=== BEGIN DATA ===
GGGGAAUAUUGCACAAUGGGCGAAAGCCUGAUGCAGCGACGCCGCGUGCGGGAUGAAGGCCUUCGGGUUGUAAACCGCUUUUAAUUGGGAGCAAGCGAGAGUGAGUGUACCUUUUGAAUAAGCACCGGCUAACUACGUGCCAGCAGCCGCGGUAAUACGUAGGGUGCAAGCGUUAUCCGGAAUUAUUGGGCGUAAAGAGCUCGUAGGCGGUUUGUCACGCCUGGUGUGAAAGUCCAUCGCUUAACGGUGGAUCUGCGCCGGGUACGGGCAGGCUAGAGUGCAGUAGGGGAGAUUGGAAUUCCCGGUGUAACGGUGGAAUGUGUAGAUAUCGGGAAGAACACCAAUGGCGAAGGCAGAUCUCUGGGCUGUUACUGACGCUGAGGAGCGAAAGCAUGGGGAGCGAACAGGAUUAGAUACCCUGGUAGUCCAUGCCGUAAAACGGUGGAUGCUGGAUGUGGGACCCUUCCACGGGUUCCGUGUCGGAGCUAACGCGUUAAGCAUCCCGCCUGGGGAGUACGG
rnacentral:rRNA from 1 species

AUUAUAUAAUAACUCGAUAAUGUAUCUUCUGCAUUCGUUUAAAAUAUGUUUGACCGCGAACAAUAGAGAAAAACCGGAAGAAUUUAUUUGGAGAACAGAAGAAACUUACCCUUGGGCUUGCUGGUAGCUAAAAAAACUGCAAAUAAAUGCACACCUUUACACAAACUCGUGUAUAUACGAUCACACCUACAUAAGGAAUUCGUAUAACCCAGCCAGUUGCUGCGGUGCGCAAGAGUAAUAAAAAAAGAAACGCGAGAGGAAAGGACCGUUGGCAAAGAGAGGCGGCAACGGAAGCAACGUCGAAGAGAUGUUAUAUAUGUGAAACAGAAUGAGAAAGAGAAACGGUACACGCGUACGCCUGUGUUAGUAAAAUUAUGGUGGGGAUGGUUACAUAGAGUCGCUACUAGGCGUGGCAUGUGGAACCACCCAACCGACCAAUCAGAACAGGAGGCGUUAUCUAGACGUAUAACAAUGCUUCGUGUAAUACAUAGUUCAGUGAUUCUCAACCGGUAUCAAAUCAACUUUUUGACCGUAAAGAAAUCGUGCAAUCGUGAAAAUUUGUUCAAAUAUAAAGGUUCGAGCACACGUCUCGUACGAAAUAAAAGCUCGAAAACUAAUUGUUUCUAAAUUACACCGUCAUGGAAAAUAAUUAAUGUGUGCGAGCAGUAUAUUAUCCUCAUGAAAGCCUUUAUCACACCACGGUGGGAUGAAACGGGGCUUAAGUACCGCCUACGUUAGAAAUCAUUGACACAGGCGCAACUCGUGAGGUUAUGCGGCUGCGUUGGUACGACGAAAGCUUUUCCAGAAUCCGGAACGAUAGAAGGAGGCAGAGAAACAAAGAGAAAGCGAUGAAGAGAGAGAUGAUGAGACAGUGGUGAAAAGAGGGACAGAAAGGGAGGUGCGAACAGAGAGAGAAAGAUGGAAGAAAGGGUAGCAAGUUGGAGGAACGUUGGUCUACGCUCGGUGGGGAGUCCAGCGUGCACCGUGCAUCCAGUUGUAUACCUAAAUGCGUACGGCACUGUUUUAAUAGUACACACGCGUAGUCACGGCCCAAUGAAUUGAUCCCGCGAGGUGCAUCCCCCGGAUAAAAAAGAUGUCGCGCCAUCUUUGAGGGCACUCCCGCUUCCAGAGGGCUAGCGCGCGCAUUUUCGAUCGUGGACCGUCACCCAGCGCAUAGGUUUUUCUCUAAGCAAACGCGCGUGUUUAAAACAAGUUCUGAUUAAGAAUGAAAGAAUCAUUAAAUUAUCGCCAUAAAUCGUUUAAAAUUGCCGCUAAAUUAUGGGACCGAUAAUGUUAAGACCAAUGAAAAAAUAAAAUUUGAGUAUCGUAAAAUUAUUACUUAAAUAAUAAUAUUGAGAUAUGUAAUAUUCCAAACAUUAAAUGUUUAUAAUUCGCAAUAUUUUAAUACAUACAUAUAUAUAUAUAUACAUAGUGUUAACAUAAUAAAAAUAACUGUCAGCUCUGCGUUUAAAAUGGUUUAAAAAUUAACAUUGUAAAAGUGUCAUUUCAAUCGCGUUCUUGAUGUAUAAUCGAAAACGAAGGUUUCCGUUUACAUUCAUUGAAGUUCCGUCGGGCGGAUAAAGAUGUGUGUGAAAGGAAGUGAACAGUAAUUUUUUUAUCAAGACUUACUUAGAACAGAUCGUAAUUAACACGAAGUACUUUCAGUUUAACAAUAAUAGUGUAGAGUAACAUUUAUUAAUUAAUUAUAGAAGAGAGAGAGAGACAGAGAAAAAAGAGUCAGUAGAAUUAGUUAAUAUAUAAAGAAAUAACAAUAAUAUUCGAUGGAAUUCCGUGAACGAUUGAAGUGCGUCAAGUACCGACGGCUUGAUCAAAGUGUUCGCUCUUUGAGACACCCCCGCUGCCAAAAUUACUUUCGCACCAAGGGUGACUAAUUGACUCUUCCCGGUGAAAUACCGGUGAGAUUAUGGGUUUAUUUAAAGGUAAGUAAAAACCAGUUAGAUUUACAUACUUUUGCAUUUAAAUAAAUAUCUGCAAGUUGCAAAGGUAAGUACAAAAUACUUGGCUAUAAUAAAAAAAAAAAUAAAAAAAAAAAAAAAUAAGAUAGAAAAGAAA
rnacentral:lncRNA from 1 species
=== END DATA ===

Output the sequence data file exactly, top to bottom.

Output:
GGGGAAUAUUGCACAAUGGGCGAAAGCCUGAUGCAGCGACGCCGCGUGCGGGAUGAAGGCCUUCGGGUUGUAAACCGCUUUUAAUUGGGAGCAAGCGAGAGUGAGUGUACCUUUUGAAUAAGCACCGGCUAACUACGUGCCAGCAGCCGCGGUAAUACGUAGGGUGCAAGCGUUAUCCGGAAUUAUUGGGCGUAAAGAGCUCGUAGGCGGUUUGUCACGCCUGGUGUGAAAGUCCAUCGCUUAACGGUGGAUCUGCGCCGGGUACGGGCAGGCUAGAGUGCAGUAGGGGAGAUUGGAAUUCCCGGUGUAACGGUGGAAUGUGUAGAUAUCGGGAAGAACACCAAUGGCGAAGGCAGAUCUCUGGGCUGUUACUGACGCUGAGGAGCGAAAGCAUGGGGAGCGAACAGGAUUAGAUACCCUGGUAGUCCAUGCCGUAAAACGGUGGAUGCUGGAUGUGGGACCCUUCCACGGGUUCCGUGUCGGAGCUAACGCGUUAAGCAUCCCGCCUGGGGAGUACGG
rnacentral:rRNA from 1 species

AUUAUAUAAUAACUCGAUAAUGUAUCUUCUGCAUUCGUUUAAAAUAUGUUUGACCGCGAACAAUAGAGAAAAACCGGAAGAAUUUAUUUGGAGAACAGAAGAAACUUACCCUUGGGCUUGCUGGUAGCUAAAAAAACUGCAAAUAAAUGCACACCUUUACACAAACUCGUGUAUAUACGAUCACACCUACAUAAGGAAUUCGUAUAACCCAGCCAGUUGCUGCGGUGCGCAAGAGUAAUAAAAAAAGAAACGCGAGAGGAAAGGACCGUUGGCAAAGAGAGGCGGCAACGGAAGCAACGUCGAAGAGAUGUUAUAUAUGUGAAACAGAAUGAGAAAGAGAAACGGUACACGCGUACGCCUGUGUUAGUAAAAUUAUGGUGGGGAUGGUUACAUAGAGUCGCUACUAGGCGUGGCAUGUGGAACCACCCAACCGACCAAUCAGAACAGGAGGCGUUAUCUAGACGUAUAACAAUGCUUCGUGUAAUACAUAGUUCAGUGAUUCUCAACCGGUAUCAAAUCAACUUUUUGACCGUAAAGAAAUCGUGCAAUCGUGAAAAUUUGUUCAAAUAUAAAGGUUCGAGCACACGUCUCGUACGAAAUAAAAGCUCGAAAACUAAUUGUUUCUAAAUUACACCGUCAUGGAAAAUAAUUAAUGUGUGCGAGCAGUAUAUUAUCCUCAUGAAAGCCUUUAUCACACCACGGUGGGAUGAAACGGGGCUUAAGUACCGCCUACGUUAGAAAUCAUUGACACAGGCGCAACUCGUGAGGUUAUGCGGCUGCGUUGGUACGACGAAAGCUUUUCCAGAAUCCGGAACGAUAGAAGGAGGCAGAGAAACAAAGAGAAAGCGAUGAAGAGAGAGAUGAUGAGACAGUGGUGAAAAGAGGGACAGAAAGGGAGGUGCGAACAGAGAGAGAAAGAUGGAAGAAAGGGUAGCAAGUUGGAGGAACGUUGGUCUACGCUCGGUGGGGAGUCCAGCGUGCACCGUGCAUCCAGUUGUAUACCUAAAUGCGUACGGCACUGUUUUAAUAGUACACACGCGUAGUCACGGCCCAAUGAAUUGAUCCCGCGAGGUGCAUCCCCCGGAUAAAAAAGAUGUCGCGCCAUCUUUGAGGGCACUCCCGCUUCCAGAGGGCUAGCGCGCGCAUUUUCGAUCGUGGACCGUCACCCAGCGCAUAGGUUUUUCUCUAAGCAAACGCGCGUGUUUAAAACAAGUUCUGAUUAAGAAUGAAAGAAUCAUUAAAUUAUCGCCAUAAAUCGUUUAAAAUUGCCGCUAAAUUAUGGGACCGAUAAUGUUAAGACCAAUGAAAAAAUAAAAUUUGAGUAUCGUAAAAUUAUUACUUAAAUAAUAAUAUUGAGAUAUGUAAUAUUCCAAACAUUAAAUGUUUAUAAUUCGCAAUAUUUUAAUACAUACAUAUAUAUAUAUAUACAUAGUGUUAACAUAAUAAAAAUAACUGUCAGCUCUGCGUUUAAAAUGGUUUAAAAAUUAACAUUGUAAAAGUGUCAUUUCAAUCGCGUUCUUGAUGUAUAAUCGAAAACGAAGGUUUCCGUUUACAUUCAUUGAAGUUCCGUCGGGCGGAUAAAGAUGUGUGUGAAAGGAAGUGAACAGUAAUUUUUUUAUCAAGACUUACUUAGAACAGAUCGUAAUUAACACGAAGUACUUUCAGUUUAACAAUAAUAGUGUAGAGUAACAUUUAUUAAUUAAUUAUAGAAGAGAGAGAGAGACAGAGAAAAAAGAGUCAGUAGAAUUAGUUAAUAUAUAAAGAAAUAACAAUAAUAUUCGAUGGAAUUCCGUGAACGAUUGAAGUGCGUCAAGUACCGACGGCUUGAUCAAAGUGUUCGCUCUUUGAGACACCCCCGCUGCCAAAAUUACUUUCGCACCAAGGGUGACUAAUUGACUCUUCCCGGUGAAAUACCGGUGAGAUUAUGGGUUUAUUUAAAGGUAAGUAAAAACCAGUUAGAUUUACAUACUUUUGCAUUUAAAUAAAUAUCUGCAAGUUGCAAAGGUAAGUACAAAAUACUUGGCUAUAAUAAAAAAAAAAAUAAAAAAAAAAAAAAAUAAGAUAGAAAAGAAA
rnacentral:lncRNA from 1 species